I love zombie games, movies, shows, and literature. I really do. Me and my friends would go around the worlds and courses of Left 4 Dead for hours, blowing the heads off of countless zombie hordes, and then becoming the infected to punch people off of tall buildings to watch them plummet to their death. So once I heard that there was going to be an open world zombie game that takes place on a tropical paradise, where friends can jump in and out whenever they please, I was in. So as an early Christmas present to myself, I bought Dead Island. But what did I get?
Fetch quests. An ungodly amount of fetch quests.
You play as one of four characters: Logan, who is the “good at everything” character, Purna, the alpha-male female character, Sam B, the gangster rapper, and Xian Mei, the stereotypical Asian character. Each one of them (besides Logan) has a specialty, Purna likes the guns, Sam B is the blunt weapons guy, and Xian Mei likes cutting people with the sharp weapons. They all have their special abilities as well, including one that is described in the manual as “calling on all her martial arts training (can you take a guess as to whose that is?). Each of these characters shares the same storyline – waking up alone and finding that the island is now overrun with a zombie plague. For some reason unspecified, you are immune to the disease that is infecting the entire resort, and you (and apparently your band of uninfected friends) must find out what is happening to everybody.
That is what you are SUPPOSED to be doing, but instead, you are doing small tasks to help out everyone that you come across. This ranges from delivering endless amounts of food and champagne to random people, rescuing random civilians from their utter demise, and getting random items that people want for comfort during the zombie apocalypse. These missions range from easy to very hard; easy being just a couple of zombies here and there, and very hard being claustrophobic and immensely difficult. You have your very first very hard mission as one of the first in the game, which armed me with a broken pole and a piece of floor board.
Those very hard missions – and the whole game as a matter of fact – is so much better when you are playing with friends. Friends bring much needed teamwork, and more importantly, they bring weapons.. The weapons that you have are, at best, flimsy. Even at higher levels, most only last about five zombies before “breaking.” Then there are the guns (that takes a bit of time in the game to actually obtain). The ammunition, unlike Left 4 Dead, is hard to obtain and incredibly sparse. Each gun I found had one bullet in it, and having it in my inventory only kept up space in my slim inventory. Each weapon you obtain can be upgraded with elemental items (or nails), which doesn’t affect the zombies as much as you would think they would. The only element that I have found to work is fire, but with the limited ammunition that the game gives you, I’d rather just bash the zombies brains in with an electrified machete.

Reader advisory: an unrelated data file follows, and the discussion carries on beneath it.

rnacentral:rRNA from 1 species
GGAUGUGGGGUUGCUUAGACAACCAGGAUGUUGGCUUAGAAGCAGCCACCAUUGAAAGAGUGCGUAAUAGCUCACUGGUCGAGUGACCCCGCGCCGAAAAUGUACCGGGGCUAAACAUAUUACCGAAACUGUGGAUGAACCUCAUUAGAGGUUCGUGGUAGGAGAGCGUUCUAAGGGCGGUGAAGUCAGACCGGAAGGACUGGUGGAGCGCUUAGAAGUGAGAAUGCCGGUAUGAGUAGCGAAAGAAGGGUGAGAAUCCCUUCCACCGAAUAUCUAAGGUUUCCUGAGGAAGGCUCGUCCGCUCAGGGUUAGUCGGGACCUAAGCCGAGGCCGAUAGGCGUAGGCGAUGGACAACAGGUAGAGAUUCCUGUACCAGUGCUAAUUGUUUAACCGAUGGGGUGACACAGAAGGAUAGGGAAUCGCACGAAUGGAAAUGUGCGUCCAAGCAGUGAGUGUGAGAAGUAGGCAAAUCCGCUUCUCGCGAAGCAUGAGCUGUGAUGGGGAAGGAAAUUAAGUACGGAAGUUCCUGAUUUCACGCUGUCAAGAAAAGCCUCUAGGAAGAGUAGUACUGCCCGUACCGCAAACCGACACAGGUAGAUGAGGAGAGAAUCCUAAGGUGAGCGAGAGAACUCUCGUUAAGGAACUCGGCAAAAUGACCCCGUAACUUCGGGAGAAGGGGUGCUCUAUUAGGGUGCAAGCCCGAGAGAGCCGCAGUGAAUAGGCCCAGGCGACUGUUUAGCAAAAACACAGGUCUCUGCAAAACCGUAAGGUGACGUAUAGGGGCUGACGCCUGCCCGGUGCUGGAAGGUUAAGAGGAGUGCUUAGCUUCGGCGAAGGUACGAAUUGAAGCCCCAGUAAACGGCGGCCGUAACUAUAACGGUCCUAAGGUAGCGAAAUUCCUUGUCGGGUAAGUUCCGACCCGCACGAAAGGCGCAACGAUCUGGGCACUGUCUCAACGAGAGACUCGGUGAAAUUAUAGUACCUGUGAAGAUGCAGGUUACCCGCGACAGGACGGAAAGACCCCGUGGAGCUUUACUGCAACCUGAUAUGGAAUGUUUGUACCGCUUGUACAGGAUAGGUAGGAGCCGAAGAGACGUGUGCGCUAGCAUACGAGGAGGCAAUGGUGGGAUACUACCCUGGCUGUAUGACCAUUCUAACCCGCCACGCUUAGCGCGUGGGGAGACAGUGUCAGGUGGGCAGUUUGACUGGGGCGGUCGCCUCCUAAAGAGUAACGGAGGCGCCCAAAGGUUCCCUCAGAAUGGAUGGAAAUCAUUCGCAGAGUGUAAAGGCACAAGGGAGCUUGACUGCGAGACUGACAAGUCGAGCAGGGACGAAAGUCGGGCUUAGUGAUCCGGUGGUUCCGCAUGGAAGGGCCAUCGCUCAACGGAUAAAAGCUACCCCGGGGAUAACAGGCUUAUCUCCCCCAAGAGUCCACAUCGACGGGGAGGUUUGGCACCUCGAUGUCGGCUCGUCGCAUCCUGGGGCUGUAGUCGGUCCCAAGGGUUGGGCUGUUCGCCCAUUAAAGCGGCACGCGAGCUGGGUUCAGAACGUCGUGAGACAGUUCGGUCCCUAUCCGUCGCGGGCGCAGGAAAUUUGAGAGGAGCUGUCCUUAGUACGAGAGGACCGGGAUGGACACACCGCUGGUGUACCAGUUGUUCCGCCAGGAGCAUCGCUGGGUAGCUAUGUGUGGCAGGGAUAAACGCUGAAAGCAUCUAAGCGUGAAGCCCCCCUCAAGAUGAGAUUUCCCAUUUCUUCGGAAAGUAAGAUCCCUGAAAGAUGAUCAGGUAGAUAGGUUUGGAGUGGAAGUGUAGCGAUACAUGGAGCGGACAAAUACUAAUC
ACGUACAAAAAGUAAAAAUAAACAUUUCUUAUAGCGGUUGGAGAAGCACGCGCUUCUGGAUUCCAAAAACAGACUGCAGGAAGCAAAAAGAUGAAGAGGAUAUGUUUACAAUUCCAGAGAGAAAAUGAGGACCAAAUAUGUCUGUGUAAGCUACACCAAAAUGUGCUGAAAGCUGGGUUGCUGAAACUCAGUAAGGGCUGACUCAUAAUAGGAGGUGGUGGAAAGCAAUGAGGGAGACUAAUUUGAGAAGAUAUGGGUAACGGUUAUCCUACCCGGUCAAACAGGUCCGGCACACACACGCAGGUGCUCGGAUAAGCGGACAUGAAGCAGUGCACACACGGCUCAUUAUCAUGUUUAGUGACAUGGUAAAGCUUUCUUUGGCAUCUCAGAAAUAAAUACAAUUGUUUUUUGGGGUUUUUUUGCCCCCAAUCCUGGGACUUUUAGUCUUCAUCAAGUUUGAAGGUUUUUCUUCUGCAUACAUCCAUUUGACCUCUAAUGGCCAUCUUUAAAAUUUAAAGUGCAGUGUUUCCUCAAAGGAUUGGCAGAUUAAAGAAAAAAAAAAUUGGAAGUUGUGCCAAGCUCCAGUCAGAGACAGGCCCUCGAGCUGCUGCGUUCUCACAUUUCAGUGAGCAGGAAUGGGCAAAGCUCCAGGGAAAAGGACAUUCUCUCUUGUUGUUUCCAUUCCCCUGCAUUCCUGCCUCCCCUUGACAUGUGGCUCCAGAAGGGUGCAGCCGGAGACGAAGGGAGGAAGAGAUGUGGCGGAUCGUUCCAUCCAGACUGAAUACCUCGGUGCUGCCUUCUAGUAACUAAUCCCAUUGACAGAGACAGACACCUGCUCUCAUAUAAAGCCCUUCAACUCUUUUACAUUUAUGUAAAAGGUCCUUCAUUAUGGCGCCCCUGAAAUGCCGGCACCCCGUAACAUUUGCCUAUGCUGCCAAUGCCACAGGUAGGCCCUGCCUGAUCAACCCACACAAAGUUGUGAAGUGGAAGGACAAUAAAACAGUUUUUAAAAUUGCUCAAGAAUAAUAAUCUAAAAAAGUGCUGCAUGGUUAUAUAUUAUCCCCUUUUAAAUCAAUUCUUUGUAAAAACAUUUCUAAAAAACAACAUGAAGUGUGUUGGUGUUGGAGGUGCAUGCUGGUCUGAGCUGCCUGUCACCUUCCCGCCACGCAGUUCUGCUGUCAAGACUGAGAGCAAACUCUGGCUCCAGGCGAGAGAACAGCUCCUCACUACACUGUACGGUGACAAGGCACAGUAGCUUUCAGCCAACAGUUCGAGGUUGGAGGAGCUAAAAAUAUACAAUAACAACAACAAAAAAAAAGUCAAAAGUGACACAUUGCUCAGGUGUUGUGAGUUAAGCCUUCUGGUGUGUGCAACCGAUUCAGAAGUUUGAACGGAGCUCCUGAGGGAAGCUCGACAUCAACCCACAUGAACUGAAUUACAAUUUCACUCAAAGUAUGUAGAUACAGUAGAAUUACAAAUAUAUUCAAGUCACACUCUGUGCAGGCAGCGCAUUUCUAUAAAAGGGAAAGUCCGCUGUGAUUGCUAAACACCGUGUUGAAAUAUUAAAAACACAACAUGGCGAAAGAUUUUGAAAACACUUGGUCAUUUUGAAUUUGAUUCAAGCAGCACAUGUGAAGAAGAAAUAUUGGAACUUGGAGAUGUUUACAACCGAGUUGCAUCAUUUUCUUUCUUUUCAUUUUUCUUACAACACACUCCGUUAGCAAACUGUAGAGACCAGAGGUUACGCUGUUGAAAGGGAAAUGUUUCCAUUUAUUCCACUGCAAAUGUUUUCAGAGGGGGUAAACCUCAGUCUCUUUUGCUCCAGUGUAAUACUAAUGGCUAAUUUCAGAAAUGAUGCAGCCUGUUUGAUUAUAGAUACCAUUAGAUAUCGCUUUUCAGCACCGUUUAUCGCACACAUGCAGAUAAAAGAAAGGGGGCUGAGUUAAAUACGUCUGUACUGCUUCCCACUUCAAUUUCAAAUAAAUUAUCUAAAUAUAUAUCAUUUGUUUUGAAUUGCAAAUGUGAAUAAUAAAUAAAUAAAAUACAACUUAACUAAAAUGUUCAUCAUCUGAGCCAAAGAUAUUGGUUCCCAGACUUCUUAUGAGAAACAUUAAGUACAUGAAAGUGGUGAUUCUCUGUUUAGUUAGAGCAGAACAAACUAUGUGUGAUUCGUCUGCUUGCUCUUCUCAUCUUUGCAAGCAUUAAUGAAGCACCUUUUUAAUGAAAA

The best part about the game is the senseless killing of the infected inhabitants of the island. The slow motion points in combat where you can break their bones and decapitate the zombies is incredibly satisfying, and is what keeps me playing this game. The graphics are beautiful, though suffers from lagging from time to time when people jump into your game.
Which leads me to that aspect of the game. At any time, if there’s another player who is close to you, the game will ask if you would like to join their game. Whether you say yes or no, the other player will get the same prompt, and can join you in an instant. The connections are usually reliable (when you get up to four players, it gets a bit laggy), but the people who would join up are up in the air. Either they will ignore the whole “team” aspect to the game and do their own thing, or they will sabotage your game. For example, my first encounter was with a higher level player, who found the best way to solve my current predicament of mass zombie murder was to blow up some propane tanks that just so happened to be in close proximity. My death pushed me back to the last save point in that mission, and he just dropped out.
The game isn’t bad, but it does get incredibly repetitive. Some characters who ask for food or water will continue to ask you for it, which gives you limited reward for finding it. One character keeps asking for alcohol to make me some Molotov cocktails, and for some reason, he has yet to make me one.
For anyone who likes Fallout and zombies, then by all means, this is the game for you. However, if you get bored easily with meaningless tasks and really little payoff, then this is a decent rent. There are a lot of flaws to the game, but it happens to be a rather exciting IP from time to time. If Deep Silver can expand on this template, and maybe take out some obnoxious tasks that you have to do, I wouldn’t mind a sequel. We’ll just have to wait and see.
Also, they are thinking about making a movie out of this game. What are you going to do, roam around an island, killing zombies, and delivering alcohol to some incredibly drunk girl? That doesn’t sound like a good movie at all.
Final Grade: C